I'm trying to use css custom properties together with @page rules, but it does not seem to work. It kind of make sense since css variables cascade and the :root selector and the @page rule don't have a child/parent relationship.

Below is a typical example of what I'd like to do:

:root {
    --page-width: 148.5mm;
    --page-height: 210mm;
}

@page  {
    size: var(--page-width) var(--page-height);
}

Is there any way I could use variables with @page rules?

  • Since @page is its own namespace, did you try @page { :root { --page-width: 148.5mm; } } – LGSon Jun 24 '17 at 12:32
  • Thanks, I'll try that. But then would there be a way to share the same variable between @page, and let's say, a div? – user1415785 Jun 24 '17 at 12:48
  • I don't think you can share between namespace's. Are you aware of that you can use @media query to set css rules when print? – LGSon Jun 24 '17 at 12:56
  • 1
    @LGSon: You can't change the dimensions of a page using style rules, regardless of the media type. That's why the page at-rule exists. – BoltClock Jun 24 '17 at 16:38
  • @BoltClock Thanks for that note – LGSon Jun 24 '17 at 16:42
up vote 2 down vote accepted

css variables cascade and the :root selector and the @page rule don't have a child/parent relationship.

@page rules cascade, too. And the page context does actually inherit from the root element, which means not only do @page rules cascade, but they participate in the same cascade as style rules. But since this wasn't in the spec a decade ago, implementations where the page context doesn't inherit from the root element are still conformant to the spec.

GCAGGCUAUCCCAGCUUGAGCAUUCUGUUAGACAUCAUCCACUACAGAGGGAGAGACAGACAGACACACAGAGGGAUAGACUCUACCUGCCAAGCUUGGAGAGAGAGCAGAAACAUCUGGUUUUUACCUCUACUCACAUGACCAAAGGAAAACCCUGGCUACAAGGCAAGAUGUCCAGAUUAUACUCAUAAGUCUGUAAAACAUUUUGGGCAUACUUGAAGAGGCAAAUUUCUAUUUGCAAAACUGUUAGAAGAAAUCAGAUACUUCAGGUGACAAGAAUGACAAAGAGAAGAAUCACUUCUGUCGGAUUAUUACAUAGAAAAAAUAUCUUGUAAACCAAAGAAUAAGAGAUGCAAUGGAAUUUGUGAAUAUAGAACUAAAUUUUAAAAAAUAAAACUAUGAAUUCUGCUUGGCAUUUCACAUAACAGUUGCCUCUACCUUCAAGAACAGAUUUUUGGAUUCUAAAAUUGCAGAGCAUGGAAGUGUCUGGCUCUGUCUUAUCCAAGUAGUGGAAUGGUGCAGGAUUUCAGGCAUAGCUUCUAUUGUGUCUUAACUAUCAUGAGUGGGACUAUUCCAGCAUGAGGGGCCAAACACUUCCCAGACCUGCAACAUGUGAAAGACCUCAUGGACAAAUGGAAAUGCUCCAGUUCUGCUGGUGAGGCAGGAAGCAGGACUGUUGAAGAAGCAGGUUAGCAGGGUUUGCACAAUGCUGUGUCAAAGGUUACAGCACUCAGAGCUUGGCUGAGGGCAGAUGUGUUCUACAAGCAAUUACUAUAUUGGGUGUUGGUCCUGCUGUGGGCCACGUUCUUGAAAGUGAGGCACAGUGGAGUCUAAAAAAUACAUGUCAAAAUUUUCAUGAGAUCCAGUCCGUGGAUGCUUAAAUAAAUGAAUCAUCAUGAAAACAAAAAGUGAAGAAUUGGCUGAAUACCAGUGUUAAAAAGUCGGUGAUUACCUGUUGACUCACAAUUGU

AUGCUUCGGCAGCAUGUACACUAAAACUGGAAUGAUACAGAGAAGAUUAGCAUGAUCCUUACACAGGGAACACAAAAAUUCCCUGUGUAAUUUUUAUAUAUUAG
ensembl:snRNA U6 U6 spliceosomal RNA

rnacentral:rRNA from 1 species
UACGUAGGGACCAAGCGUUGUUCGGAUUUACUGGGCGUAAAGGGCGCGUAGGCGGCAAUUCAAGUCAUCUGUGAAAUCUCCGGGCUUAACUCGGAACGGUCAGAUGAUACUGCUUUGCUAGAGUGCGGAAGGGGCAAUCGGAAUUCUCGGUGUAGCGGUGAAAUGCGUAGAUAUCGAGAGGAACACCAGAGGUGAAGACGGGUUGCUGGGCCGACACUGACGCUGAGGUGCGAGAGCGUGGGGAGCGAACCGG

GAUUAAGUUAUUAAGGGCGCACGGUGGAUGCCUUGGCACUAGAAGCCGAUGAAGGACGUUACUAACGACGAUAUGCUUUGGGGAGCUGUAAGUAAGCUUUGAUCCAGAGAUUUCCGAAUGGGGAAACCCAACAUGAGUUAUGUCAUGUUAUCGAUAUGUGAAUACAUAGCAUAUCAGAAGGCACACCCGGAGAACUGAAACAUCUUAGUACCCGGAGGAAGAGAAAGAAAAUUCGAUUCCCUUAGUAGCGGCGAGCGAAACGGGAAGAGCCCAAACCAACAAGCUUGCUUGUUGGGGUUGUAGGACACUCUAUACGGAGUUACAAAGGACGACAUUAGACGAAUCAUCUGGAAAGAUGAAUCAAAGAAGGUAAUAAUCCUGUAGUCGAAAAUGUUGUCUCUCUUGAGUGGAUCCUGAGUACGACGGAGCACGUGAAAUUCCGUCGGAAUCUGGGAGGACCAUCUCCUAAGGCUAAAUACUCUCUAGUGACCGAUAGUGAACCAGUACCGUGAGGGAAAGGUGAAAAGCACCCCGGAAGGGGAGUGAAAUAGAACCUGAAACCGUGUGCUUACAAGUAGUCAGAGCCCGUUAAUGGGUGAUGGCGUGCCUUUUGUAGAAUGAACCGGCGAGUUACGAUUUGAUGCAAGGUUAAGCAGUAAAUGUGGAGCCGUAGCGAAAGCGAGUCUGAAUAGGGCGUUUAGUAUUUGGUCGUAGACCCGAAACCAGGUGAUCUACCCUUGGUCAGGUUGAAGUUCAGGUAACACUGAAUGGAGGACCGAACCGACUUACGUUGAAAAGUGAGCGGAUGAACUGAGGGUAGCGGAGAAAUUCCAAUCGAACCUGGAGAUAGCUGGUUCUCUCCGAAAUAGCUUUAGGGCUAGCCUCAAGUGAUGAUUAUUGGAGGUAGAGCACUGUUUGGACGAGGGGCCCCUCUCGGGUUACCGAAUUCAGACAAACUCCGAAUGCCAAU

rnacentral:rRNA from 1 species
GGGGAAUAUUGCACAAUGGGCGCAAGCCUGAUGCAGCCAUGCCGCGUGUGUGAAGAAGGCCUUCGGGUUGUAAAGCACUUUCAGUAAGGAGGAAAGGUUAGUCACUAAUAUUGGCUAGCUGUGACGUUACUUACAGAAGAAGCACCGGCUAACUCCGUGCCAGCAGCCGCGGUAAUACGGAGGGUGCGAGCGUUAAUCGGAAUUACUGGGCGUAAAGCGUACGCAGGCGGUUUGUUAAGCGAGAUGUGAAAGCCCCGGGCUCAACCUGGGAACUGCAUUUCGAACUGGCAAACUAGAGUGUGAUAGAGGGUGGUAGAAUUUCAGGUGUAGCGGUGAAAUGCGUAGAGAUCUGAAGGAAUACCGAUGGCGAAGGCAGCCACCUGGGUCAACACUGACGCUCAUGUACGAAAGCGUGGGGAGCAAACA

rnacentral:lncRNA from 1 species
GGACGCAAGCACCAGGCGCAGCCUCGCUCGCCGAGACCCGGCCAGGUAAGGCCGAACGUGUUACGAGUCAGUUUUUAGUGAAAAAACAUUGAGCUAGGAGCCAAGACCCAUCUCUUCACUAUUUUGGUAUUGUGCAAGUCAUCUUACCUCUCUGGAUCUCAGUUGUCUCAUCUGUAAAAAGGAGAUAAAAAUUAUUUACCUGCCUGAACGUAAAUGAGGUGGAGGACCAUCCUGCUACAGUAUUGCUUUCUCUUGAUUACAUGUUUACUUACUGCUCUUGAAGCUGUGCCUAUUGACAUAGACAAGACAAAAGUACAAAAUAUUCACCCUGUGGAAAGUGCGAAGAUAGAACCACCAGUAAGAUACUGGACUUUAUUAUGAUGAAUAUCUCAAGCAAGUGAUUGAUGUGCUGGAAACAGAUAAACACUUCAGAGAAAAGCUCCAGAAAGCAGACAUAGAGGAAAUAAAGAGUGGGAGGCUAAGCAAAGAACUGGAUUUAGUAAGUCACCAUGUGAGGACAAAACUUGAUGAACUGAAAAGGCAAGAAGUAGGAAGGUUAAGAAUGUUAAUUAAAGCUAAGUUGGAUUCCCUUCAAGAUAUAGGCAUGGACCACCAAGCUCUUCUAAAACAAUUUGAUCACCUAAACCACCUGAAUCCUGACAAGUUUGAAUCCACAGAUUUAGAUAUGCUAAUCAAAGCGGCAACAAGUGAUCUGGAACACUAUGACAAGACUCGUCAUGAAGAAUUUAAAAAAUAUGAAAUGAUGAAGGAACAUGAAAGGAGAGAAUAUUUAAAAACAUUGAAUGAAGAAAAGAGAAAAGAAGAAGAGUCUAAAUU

While this means you shouldn't rely on @page rules inheriting custom properties from :root, it does also mean that @page itself accepts custom properties, essentially making inheritance a non-issue. So, the following is expected to work, but it doesn't — it seems that every browser fails to create the custom properties:

@page {
    --page-width: 148.5mm;
    --page-height: 210mm;
    size: var(--page-width) var(--page-height);
}

Interestingly, Firefox and Chrome have no trouble parsing and computing var() expressions with fallback values in @page style declarations, while Microsoft Edge fails to do so, which means the following will result in each page having 25mm margins in Firefox and Chrome:

@page {
    --page-margin: 50mm;
    margin: var(--page-margin, 25mm);
}

So, in short, custom properties in @page rules don't work — not because the spec doesn't allow it, but because every browser's implementation of custom properties is incomplete.

  • Thanks, that's clear! – user1415785 Jun 25 '17 at 8:53

Your Answer

 

By clicking "Post Your Answer", you acknowledge that you have read our updated terms of service, privacy policy and cookie policy, and that your continued use of the website is subject to these policies.

Not the answer you're looking for? Browse other questions tagged or ask your own question.